Children

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A child (plural: children) is a human between the stages of birth and puberty. The legal definition of "child" generally refers to a minor, otherwise known as a person younger than the age of majority. "Child" may also describe a relationship with a parent or authority figure, or signify group membership in a clan, tribe, or religion; it can also signify being strongly affected by a specific time, place, or circumstance, as in "a child of nature" or "a child of the Sixties."[1]

Legal definitions

The United Nations Convention on the Rights of the Child defines a child as "a human being below the age of 18 years unless under the law applicable to the child, majority is attained earlier."[2] Biologically, a child is anyone in the developmental stage of childhood, between infancy and adulthood.

For lessons on the topic of Children, follow this link.

Attitudes toward children

Social attitudes toward children differ around the world in various cultures. These attitudes have changed over time. A 1988 study on European attitudes toward the centrality of children found that Italy was more child-centric and Holland less child-centric, with other countries, such as Austria, Great Britain, Ireland and West Germany falling in between.[3]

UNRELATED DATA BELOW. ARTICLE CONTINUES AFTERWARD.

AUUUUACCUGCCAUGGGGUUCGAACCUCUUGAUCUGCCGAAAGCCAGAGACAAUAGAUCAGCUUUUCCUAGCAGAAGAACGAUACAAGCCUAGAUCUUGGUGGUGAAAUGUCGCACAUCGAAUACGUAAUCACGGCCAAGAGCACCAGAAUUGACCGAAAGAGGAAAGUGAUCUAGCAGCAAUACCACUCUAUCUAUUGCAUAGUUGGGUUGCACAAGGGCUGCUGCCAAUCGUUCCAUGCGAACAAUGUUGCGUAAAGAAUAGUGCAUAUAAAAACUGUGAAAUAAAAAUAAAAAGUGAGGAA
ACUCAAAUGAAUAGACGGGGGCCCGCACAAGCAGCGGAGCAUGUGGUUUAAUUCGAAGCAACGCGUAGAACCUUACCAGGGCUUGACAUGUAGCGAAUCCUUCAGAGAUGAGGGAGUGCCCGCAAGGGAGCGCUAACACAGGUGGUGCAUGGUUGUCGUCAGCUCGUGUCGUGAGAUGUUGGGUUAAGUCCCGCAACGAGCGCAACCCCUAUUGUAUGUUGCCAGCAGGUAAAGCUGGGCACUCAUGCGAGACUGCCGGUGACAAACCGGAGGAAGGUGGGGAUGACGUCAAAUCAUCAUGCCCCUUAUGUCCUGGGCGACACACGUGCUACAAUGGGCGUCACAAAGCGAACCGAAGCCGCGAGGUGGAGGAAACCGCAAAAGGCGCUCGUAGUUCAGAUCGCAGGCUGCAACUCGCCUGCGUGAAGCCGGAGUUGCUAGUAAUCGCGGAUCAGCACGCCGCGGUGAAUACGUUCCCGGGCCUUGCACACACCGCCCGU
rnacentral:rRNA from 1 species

Age of responsibility

The age at which children are considered responsible for their own actions has also changed over time, and this is reflected in the way they are treated in courts of law. In Roman times, children were regarded as not culpable for crimes. In the nineteenth century, children younger than seven years old were believed incapable of crime. Children from the age of seven were considered responsible for their actions. Therefore, they could face criminal charges, be sent to adult prison, and be punished like adults by whipping, branding or hanging.[4]

Quote

Women seem to have more intuition than men, but they also appear to be somewhat less logical. Woman, however, has always been the moral standard-bearer and the spiritual leader of mankind. The hand that rocks the cradle still fraternizes with destiny.[1]

References

  1. "American Heritage Dictionary". 2007-12-07. http://www.bartleby.com/61/13/C0291300.html.
  2. "Convention on the Rights of the Child". Office of the United Nations High Commissioner for Human Rights. http://www.unhchr.ch/html/menu3/b/k2crc.htm. Ratified by 192 of 194 member countries.
  3. Rachel K. Jones and April Brayfield, Life's greatest joy?: European attitudes toward the centrality of children. Social Forces, Vol. 75, No. 4, Jun 1997. 1,239-69 pp. Chapel Hill, North Carolina.